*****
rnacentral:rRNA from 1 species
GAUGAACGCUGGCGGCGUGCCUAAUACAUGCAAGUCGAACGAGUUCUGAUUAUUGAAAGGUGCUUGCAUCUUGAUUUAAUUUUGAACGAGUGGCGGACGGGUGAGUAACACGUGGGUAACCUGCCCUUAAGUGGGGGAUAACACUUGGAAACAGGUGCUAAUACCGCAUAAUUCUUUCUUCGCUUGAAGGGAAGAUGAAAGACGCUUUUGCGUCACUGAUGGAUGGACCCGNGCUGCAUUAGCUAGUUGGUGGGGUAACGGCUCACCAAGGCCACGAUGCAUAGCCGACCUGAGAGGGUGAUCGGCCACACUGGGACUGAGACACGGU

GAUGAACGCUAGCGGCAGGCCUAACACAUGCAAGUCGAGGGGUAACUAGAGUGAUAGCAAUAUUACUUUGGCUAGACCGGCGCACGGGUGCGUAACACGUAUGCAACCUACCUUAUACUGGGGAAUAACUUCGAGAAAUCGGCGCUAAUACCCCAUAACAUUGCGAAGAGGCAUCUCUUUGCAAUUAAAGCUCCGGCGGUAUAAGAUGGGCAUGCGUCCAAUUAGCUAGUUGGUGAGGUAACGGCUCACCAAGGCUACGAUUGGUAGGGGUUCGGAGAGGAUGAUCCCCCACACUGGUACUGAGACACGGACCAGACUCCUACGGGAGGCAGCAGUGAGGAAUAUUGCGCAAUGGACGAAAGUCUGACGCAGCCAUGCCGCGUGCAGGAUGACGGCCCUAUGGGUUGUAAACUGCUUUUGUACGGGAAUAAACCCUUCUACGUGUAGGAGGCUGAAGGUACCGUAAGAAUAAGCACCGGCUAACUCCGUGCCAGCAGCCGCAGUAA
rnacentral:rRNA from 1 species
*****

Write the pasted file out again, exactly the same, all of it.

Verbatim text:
rnacentral:rRNA from 1 species
GAUGAACGCUGGCGGCGUGCCUAAUACAUGCAAGUCGAACGAGUUCUGAUUAUUGAAAGGUGCUUGCAUCUUGAUUUAAUUUUGAACGAGUGGCGGACGGGUGAGUAACACGUGGGUAACCUGCCCUUAAGUGGGGGAUAACACUUGGAAACAGGUGCUAAUACCGCAUAAUUCUUUCUUCGCUUGAAGGGAAGAUGAAAGACGCUUUUGCGUCACUGAUGGAUGGACCCGNGCUGCAUUAGCUAGUUGGUGGGGUAACGGCUCACCAAGGCCACGAUGCAUAGCCGACCUGAGAGGGUGAUCGGCCACACUGGGACUGAGACACGGU

GAUGAACGCUAGCGGCAGGCCUAACACAUGCAAGUCGAGGGGUAACUAGAGUGAUAGCAAUAUUACUUUGGCUAGACCGGCGCACGGGUGCGUAACACGUAUGCAACCUACCUUAUACUGGGGAAUAACUUCGAGAAAUCGGCGCUAAUACCCCAUAACAUUGCGAAGAGGCAUCUCUUUGCAAUUAAAGCUCCGGCGGUAUAAGAUGGGCAUGCGUCCAAUUAGCUAGUUGGUGAGGUAACGGCUCACCAAGGCUACGAUUGGUAGGGGUUCGGAGAGGAUGAUCCCCCACACUGGUACUGAGACACGGACCAGACUCCUACGGGAGGCAGCAGUGAGGAAUAUUGCGCAAUGGACGAAAGUCUGACGCAGCCAUGCCGCGUGCAGGAUGACGGCCCUAUGGGUUGUAAACUGCUUUUGUACGGGAAUAAACCCUUCUACGUGUAGGAGGCUGAAGGUACCGUAAGAAUAAGCACCGGCUAACUCCGUGCCAGCAGCCGCAGUAA
rnacentral:rRNA from 1 species